By Joman Kwong, Strategic Solutions Manager, Financial, at Laserfiche
Consumer demand for support with personal finance and wealth management has increased due to the UK’s unstable economy and spiralling cost-of-living crisis. With financial consumers becoming more tech-savvy every year, it’s not just financial services themselves that are receiving attention, but also their digital modes of delivery.
Approximately 64% of Britons today think that digital procedures, such as remote account opening, online banking, or mobile apps, are crucial when deciding which financial institutions to work with. Customers now expect a similar level of usability, customization, and automation from their financial services as slick, intuitive digital experiences like the Netflix homepage quickly become the standard. Perhaps more than any other sector, the financial sector needs to exude a sense of reliability, security, and simplicity. Therefore, businesses must update their user experiences (UX) and business processes to reflect this, or else they run the risk of losing their current and potential customers.
In the past, wealth management and personal finance companies would’ve faced costly, time-intensive coding projects to upgrade their digital services. Traditional ways of developing technology applications can take several months — for testing, debugging and deploying organization-wide. This can seem overwhelming or even impossible for many organizations that have limited or strained IT resources. A recent survey of financial advisors conducted by Laserfiche found that the top three challenges to changing workflow processes were competing priorities (52%), uncertainty on where to start (35%), and lack of bandwidth (30%). So, how can firms keep pace with technology needs, while continuing to provide high-quality client services?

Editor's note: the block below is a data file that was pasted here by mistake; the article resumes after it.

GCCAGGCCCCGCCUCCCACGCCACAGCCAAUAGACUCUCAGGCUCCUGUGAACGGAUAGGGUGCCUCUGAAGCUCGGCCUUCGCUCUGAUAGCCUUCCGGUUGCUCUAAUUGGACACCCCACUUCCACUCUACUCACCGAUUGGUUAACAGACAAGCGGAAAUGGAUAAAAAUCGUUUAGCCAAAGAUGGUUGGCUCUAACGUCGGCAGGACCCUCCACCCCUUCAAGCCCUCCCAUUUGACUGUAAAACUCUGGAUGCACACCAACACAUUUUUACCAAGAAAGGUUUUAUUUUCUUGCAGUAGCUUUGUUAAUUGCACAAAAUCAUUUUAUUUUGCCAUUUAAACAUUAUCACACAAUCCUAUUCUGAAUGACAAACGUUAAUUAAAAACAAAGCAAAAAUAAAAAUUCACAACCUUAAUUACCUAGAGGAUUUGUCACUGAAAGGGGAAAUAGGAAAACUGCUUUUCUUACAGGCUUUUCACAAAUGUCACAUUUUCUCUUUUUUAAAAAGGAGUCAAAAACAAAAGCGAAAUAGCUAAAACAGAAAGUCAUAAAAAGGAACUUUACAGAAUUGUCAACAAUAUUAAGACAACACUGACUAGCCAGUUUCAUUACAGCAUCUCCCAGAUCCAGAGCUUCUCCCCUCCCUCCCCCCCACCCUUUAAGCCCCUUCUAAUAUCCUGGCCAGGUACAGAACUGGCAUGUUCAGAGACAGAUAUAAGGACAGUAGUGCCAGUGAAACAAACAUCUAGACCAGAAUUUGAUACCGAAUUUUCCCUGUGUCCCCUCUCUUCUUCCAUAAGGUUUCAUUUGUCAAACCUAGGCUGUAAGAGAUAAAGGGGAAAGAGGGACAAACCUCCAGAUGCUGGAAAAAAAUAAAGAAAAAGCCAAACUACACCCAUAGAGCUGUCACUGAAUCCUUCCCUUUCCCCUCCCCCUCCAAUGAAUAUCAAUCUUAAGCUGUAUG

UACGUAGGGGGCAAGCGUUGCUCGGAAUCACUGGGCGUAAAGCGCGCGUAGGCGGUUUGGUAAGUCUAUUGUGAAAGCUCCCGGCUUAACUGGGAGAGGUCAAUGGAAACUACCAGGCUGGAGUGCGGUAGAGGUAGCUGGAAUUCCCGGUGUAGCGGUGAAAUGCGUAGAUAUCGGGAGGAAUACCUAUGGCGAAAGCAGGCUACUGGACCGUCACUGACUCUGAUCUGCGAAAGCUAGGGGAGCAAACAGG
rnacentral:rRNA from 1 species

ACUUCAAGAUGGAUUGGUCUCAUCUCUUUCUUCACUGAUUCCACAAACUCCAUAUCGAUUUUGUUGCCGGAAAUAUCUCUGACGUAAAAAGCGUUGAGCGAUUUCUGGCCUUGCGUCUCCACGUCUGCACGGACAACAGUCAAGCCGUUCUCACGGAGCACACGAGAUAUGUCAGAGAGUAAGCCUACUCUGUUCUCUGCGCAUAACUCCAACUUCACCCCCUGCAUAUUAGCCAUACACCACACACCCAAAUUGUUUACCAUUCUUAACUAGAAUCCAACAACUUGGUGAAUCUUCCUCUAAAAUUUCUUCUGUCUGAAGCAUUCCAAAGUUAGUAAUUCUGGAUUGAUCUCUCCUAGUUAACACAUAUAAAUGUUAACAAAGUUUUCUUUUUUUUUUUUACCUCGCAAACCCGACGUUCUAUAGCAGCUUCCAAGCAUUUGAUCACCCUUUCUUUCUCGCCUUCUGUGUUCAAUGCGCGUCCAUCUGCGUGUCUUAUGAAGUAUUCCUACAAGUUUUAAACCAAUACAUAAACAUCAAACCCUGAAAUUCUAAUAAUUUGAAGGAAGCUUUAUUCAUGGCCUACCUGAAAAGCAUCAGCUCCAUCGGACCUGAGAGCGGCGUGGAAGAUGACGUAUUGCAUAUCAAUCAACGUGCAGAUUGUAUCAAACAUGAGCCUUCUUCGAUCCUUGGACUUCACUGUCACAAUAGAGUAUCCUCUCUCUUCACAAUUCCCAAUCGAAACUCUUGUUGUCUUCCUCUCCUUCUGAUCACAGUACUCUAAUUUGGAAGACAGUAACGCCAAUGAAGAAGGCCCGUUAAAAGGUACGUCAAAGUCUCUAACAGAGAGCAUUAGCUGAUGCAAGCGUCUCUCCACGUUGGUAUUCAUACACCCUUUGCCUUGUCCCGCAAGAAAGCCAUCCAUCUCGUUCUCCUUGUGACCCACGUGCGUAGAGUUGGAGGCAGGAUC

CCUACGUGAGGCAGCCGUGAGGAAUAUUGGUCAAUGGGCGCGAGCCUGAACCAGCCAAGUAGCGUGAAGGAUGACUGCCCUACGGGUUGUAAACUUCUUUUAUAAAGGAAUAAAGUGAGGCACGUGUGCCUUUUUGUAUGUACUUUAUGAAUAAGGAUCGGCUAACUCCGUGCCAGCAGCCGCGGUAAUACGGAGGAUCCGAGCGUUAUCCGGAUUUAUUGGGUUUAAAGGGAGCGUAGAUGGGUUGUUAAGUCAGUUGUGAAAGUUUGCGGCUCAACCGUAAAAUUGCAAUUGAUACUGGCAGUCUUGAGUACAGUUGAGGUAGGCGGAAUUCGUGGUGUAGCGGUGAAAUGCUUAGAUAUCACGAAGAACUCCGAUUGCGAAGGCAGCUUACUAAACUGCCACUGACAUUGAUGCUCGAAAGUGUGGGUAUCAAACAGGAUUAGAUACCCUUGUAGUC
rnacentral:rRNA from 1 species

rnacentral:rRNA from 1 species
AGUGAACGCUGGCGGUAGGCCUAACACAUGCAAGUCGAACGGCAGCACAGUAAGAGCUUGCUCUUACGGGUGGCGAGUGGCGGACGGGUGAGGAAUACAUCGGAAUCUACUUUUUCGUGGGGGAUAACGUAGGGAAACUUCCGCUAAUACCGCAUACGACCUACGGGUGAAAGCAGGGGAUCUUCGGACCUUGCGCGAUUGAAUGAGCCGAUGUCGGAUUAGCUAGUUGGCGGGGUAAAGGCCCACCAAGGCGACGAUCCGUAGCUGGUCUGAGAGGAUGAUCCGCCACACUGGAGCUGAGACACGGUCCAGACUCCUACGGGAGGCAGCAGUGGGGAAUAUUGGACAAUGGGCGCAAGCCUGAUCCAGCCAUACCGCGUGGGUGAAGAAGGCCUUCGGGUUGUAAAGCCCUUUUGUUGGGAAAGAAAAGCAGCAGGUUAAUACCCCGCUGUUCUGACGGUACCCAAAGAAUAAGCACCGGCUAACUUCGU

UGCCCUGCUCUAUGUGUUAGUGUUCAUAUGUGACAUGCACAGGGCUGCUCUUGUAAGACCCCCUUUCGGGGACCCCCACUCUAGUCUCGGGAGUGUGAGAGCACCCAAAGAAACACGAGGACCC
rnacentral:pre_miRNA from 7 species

Because of the recent development of low-code and no-code tools, even staff members with limited programming experience can now make significant changes to online banking procedures. Let’s investigate the power of “low code/no code” in greater detail and explore how finance companies can use it to develop modern, highly effective user experiences.
What does low-code/no-code mean?
Simply, a low-code/no-code platform provides tools that empower individuals or teams to create and deploy electronic forms, automate workflows or integrate technology applications with little to no IT or programming support.
With drag-and-drop toolkits and prebuilt process templates, firms can digitize and automate processes like opening new accounts, money movement, or gathering information to complete a financial plan within a matter of hours. Low-code and no-code tools also support back-office process transformation projects, which can provide additional significant time and cost savings.
According to Forrester, low-code platforms have the potential to speed up software development by as much as 10 times when compared to traditional coding methods. After all, they not only minimise the need to code applications from scratch, but also the need to re-programme basic functionalities and back-end infrastructure by reusing pre-approved foundations. And perhaps most importantly, they free up precious IT resources to focus on more challenging, strategic projects and upgrades.
Low-code/no-code fosters agility for organisations within any industry. But for financial services, in which tough regulations and customer needs are evolving perhaps faster than ever, it allows businesses to safely respond to changes not within weeks or months, but mere days. By leveraging low-code/no-code tools, finance companies can act far faster than competitors — and earn more customers as a result.